A rapidly increasing flow of people is pouring out of western Mosul, fleeing fierce battles between Iraqi security forces and ISIL fighters, as medical workers warned that women and children have been exposed to toxic gas near the city.
Iraq's interior ministry said on Friday that 14,000 people fled the northern Iraqi city on Thursday alone, the largest wave of internally displaced people (IDPs) since a US-backed operation in west Mosul was launched on February 19.
The total number of IDPs who fled western Mosul since the start of the military push has reached 46,000, the ministry said.
Al Jazeera's Stefanie Dekker, reporting from a refugee camp in Khazer, east of Mosul, said that IDPs there cited the "intensity of coalition air strikes" as one of the main reasons for leaving their homes.
"People in the camp who just arrived explained how terrifying the situation was on those frontlines," she said.
"It's a desperate situation for these people; they are being moved across the country to different areas to be housed.
"Aid agencies are warning that they expect the numbers to rise, particularly because west Mosul is densely populated and the fighting has not even reached those areas."
The quickening exodus comes as the International Committee of the Red Cross said on Friday that seven people were receiving treatment for exposure to chemical agents near Mosul.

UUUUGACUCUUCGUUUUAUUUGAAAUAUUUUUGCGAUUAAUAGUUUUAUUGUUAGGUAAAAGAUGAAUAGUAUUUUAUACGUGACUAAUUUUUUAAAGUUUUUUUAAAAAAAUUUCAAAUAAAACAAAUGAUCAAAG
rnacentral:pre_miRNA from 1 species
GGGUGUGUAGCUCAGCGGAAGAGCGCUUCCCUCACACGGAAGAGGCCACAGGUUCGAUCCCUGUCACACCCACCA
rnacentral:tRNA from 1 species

"During the past two days, the hospital has admitted five children and two women showing clinical symptoms consistent with an exposure to a blistering chemical agent," Robert Mardini, the Red Cross Middle East director, said in a statement, referring to a facility near Mosul.
The symptoms include blisters, redness in the eyes, irritation, vomiting and coughing.
"The use of chemical weapons is absolutely prohibited under international humanitarian law. We are deeply alarmed by what our colleagues have seen, and we strongly condemn any use of chemical weapons, by any party, anywhere," Mardini said.
The statement did not specify whether the seven were wounded in one or more attacks, how the chemical weapons were delivered, or who was responsible.
ISIL, which holds the majority of west Mosul, has periodically used rudimentary chemical weapons in the course of its more than two-year war with Iraqi forces.
The push for western Mosul began after the eastern half of the city, which is separated from the ISIL-held west by the River Tigris, was declared "fully liberated" in January.
Mosul fell to ISIL in the summer of 2014, along with large expanses of northern and western Iraq.
The Iraqi military believes several thousand fighters, including many who travelled from western countries, are hunkered down in Mosul among the remaining civilian population, which aid agencies estimated to number 750,000 at the start of the latest offensive.
The fighters are using suicide car bombers, snipers and booby traps to counter the offensive waged by tens of thousands of Iraqi troops, Kurdish Peshmerga fighters and Iranian-trained Shia paramilitary groups.
Source: Al Jazeera and news agencies